ITV’s proposed regional news restructuring will deny a generation of young journalists the chance to develop new skills, according to a former ITV News Channel and Granada journalist.
Mark Owen, now a presenter on English-language rolling TV news network France 24, said the well-established career path starting in a regional ITV newsroom would no longer be an option for “generations of journalists to come”.
Owen started out as a researcher in the sports department at Granada Television in Manchester and presented its daily regional news magazine programme, Granada Tonight, for more than a decade before moving to HTV West, now part of the ITV network.
ITV has announced 430 redundancies at its regional news operation as it merges 17 news regions into nine. The move has been provisionally approved by media regulator Ofcom but has angered Bectu and the National Union of Journalists.
Owen, who joined France 24 when the ITV News Channel closed in 2006, told Press Gazette: “I think it’s incredibly sad, but given that it seems to be driven by cash, there seems to be an inevitability in that happening.
“A whole generation and generations of journalists to come won’t get that chance to develop, to learn new things, to work with different people, to increase their creativity, to really learn their trade from top to bottom.”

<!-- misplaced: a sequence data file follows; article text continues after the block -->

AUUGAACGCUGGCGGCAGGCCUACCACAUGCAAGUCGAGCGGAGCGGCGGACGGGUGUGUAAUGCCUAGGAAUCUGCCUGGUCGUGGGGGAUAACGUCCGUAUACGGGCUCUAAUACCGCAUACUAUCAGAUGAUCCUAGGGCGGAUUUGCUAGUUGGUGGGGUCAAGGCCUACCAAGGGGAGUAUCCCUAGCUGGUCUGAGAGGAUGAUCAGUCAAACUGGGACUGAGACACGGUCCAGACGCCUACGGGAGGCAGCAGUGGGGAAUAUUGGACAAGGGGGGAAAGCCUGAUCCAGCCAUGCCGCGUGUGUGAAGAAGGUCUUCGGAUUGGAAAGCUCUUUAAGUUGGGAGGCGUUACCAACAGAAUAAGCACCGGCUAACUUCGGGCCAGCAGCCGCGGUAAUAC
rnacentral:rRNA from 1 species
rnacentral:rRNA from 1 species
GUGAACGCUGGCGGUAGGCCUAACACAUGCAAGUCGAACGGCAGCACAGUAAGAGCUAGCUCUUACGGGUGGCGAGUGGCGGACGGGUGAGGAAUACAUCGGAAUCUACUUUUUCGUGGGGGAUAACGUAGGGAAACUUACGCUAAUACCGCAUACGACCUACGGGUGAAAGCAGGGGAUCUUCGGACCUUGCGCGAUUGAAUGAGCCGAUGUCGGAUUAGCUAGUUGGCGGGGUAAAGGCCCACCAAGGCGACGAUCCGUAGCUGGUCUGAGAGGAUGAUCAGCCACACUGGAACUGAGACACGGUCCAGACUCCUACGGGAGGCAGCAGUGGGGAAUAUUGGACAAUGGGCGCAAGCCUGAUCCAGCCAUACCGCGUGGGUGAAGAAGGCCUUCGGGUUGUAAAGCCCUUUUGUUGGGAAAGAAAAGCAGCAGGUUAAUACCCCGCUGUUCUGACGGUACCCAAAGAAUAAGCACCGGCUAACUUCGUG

ITV director of regions Michael Jermey told an Ofcom conference in Salford last month that reports that the broadcaster is pulling out of regional news were “premature”.
He said ITV remained “very much in the regional news game” until at least 2012 and said the group’s proposals were a better alternative to imposing across-the-board cuts.
The broadcaster has argued that it should be allowed to concentrate on producing quality regional news bulletins at peak times – in the evening – and drop its mid-morning and weekend lunchtime output.
This would lead to its regional news output in England falling from five and a quarter hours to three and three-quarter hours a week.
ITV’s non-news regional output, which includes sport and local interest programmes, would also be cut under the proposals, which are currently the subject of a public consultation by Ofcom.
“It’s very sad that that raft of programmes will no longer be there,” Owen added.
“There’ll be no choice, no variety, no fun. A lot of the creativity at Granada came from the regional programmes.”
Owen said the contraction of ITV regional news would also mean that more aspiring journalists would avoid the commercial sector and look straight to the BBC for their first job.
“The BBC clearly looks like the better place,” he said. “The whole UK media market seems to be in a complete state of flux.
“Hopefully in a few years it will settle down and people will find the opportunities emerging again.”
Owen was speaking to Press Gazette in an interview to coincide with France 24’s second anniversary.
The TV news channel, which broadcasts simultaneously in French, English and Arabic, was threatened with closure by French president Nicolas Sarkozy earlier this year.
A full interview and news of France 24’s international expansion plans appears in the January issue of Press Gazette, published in the new year.